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Do you care who advertises where?

Should we judge companies by, well, the company they keep?

The Parents Television Council thinks we should. The PTC has issued its annual list of companies that advertise the most on TV shows it deems family-unfriendly and those that place ads on more family-appropriate programs. The organization notes that advertising keeps TV shows afloat, and companies that choose to underwrite shows that expose kids and teens to graphic sex and violence should be held accountable. It wants consumers to pay attention and shop accordingly.

Yum! Brands, which owns KFC, Taco Bell and Pizza Hut, topped this year's bad-guy list, while General Mills led the list of advertisers that support wholesome programming. The PTC praised Payless for moving from the top of 2007's "worst" list to number 6 on this year's "best" list.

You can check both lists here.

By Jennifer LaRue Huget  |  December 28, 2009; 7:00 AM ET
Categories:  Family Health , General Health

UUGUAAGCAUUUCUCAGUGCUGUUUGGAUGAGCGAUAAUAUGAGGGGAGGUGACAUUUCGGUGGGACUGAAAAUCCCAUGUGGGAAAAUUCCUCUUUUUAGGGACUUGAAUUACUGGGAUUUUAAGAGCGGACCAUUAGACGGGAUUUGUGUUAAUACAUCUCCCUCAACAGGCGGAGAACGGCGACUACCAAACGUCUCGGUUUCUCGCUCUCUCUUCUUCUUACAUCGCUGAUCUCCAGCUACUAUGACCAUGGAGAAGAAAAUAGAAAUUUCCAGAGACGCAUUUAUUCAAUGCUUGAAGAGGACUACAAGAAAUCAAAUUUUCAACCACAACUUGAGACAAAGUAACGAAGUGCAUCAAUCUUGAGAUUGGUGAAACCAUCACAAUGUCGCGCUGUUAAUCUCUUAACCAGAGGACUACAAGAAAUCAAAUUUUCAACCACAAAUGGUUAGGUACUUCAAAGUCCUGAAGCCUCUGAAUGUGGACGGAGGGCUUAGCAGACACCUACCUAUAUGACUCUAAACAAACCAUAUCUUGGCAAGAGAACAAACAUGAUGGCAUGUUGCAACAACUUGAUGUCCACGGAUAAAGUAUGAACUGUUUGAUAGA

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No, I do not

Posted by: cordobes17 | December 29, 2009 8:40 AM | Report abuse

Like it or not, advertisements reflect on the programming, and programming reflects on the advertisements. Do I really care who advertises where? No, because those are their own choices.

However, advertisers and those selling slots alike need to be aware respectively that where they place ads and whose ads they place will affect their image. I see this most blatantly on the internet right now where automatically served ad banners sometimes undercut the credibility of an otherwise respectable website. The Washington Post's articles on health care, for example, often have a big drug company ad running on the side, so am I supposed to take that into account when weighing how objective or slanted the article is?

And what about when the advertisements are for something that is probably a scam, or that is downright offensive? Some legitimate, respectable websites will accept ads from just about anyone--the ads are served by a third party, and sites often don't pay attention to what the ads are.

Likewise, does a respectable advertiser showing up on a trashy website really help out with the company's or product's image or sales?

I think the same goes for television, radio, and print media, but I see some of the most glaring examples on the internet.

Posted by: blert | December 29, 2009 9:48 AM | Report abuse

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